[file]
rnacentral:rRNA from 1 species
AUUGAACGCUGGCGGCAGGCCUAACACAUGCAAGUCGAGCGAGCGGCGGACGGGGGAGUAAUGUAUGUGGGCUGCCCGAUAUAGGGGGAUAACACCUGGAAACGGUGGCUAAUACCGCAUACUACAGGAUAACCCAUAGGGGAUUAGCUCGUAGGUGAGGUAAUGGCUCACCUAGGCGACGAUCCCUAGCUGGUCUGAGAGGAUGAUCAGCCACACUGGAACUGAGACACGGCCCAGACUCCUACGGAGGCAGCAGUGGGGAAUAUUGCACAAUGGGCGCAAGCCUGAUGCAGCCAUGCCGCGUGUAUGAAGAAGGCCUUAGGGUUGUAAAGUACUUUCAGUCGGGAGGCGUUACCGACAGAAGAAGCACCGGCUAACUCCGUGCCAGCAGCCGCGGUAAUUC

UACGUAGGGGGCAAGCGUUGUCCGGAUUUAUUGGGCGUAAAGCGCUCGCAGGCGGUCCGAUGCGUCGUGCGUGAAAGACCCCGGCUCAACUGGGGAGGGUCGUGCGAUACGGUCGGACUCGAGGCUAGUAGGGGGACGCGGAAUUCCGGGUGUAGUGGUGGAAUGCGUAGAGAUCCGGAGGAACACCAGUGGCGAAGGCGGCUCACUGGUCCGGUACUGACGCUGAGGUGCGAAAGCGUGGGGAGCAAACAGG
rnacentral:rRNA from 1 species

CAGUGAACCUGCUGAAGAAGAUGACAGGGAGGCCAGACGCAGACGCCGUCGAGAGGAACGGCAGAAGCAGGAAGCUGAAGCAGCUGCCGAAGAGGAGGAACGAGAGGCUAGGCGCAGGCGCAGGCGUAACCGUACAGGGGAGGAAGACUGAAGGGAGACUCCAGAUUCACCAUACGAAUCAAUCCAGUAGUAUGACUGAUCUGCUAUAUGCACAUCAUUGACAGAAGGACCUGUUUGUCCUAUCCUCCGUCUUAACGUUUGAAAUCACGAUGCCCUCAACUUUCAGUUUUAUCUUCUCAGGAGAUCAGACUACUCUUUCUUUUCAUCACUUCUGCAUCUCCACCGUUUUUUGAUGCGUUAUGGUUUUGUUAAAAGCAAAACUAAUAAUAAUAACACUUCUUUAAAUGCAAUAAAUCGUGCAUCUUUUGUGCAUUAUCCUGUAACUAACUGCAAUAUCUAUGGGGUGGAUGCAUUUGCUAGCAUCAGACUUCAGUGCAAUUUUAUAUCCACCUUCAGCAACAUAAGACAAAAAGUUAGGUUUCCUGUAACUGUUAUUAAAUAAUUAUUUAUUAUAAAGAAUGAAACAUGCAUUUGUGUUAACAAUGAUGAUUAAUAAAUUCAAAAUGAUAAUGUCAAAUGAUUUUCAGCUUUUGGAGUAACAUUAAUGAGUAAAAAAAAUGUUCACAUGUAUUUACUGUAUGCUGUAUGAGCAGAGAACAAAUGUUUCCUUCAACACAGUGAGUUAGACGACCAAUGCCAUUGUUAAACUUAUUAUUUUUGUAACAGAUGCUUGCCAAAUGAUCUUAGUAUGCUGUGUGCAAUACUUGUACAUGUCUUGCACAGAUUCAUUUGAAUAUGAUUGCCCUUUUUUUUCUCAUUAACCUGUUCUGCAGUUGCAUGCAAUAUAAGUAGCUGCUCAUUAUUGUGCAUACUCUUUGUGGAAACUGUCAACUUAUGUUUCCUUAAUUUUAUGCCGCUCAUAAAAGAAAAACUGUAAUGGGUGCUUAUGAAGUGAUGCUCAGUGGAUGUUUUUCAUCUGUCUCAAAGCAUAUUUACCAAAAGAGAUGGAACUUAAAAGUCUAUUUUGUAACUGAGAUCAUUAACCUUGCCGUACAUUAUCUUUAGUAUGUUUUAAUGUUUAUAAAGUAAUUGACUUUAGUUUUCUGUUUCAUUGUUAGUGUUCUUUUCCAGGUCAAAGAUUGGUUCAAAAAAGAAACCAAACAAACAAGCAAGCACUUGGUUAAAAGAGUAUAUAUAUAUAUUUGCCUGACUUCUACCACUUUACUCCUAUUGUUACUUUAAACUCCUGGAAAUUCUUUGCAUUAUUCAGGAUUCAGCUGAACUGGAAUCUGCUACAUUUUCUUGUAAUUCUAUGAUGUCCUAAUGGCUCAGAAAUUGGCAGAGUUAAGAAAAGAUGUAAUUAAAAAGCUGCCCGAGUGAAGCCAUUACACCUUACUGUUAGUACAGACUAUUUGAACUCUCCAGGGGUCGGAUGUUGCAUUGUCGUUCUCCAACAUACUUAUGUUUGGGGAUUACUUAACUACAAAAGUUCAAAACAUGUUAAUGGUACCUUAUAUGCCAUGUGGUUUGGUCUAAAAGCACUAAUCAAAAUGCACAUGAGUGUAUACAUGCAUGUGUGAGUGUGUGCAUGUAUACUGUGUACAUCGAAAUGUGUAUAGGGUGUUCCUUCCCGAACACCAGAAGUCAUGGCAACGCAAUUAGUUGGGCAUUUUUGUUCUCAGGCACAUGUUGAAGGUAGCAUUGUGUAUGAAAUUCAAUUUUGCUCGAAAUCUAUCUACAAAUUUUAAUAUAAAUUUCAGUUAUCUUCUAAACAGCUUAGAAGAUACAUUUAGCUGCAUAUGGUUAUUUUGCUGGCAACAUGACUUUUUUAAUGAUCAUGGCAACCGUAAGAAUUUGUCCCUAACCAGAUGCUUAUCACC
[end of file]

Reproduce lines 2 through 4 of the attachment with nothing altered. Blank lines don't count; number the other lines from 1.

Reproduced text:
AUUGAACGCUGGCGGCAGGCCUAACACAUGCAAGUCGAGCGAGCGGCGGACGGGGGAGUAAUGUAUGUGGGCUGCCCGAUAUAGGGGGAUAACACCUGGAAACGGUGGCUAAUACCGCAUACUACAGGAUAACCCAUAGGGGAUUAGCUCGUAGGUGAGGUAAUGGCUCACCUAGGCGACGAUCCCUAGCUGGUCUGAGAGGAUGAUCAGCCACACUGGAACUGAGACACGGCCCAGACUCCUACGGAGGCAGCAGUGGGGAAUAUUGCACAAUGGGCGCAAGCCUGAUGCAGCCAUGCCGCGUGUAUGAAGAAGGCCUUAGGGUUGUAAAGUACUUUCAGUCGGGAGGCGUUACCGACAGAAGAAGCACCGGCUAACUCCGUGCCAGCAGCCGCGGUAAUUC

UACGUAGGGGGCAAGCGUUGUCCGGAUUUAUUGGGCGUAAAGCGCUCGCAGGCGGUCCGAUGCGUCGUGCGUGAAAGACCCCGGCUCAACUGGGGAGGGUCGUGCGAUACGGUCGGACUCGAGGCUAGUAGGGGGACGCGGAAUUCCGGGUGUAGUGGUGGAAUGCGUAGAGAUCCGGAGGAACACCAGUGGCGAAGGCGGCUCACUGGUCCGGUACUGACGCUGAGGUGCGAAAGCGUGGGGAGCAAACAGG
rnacentral:rRNA from 1 species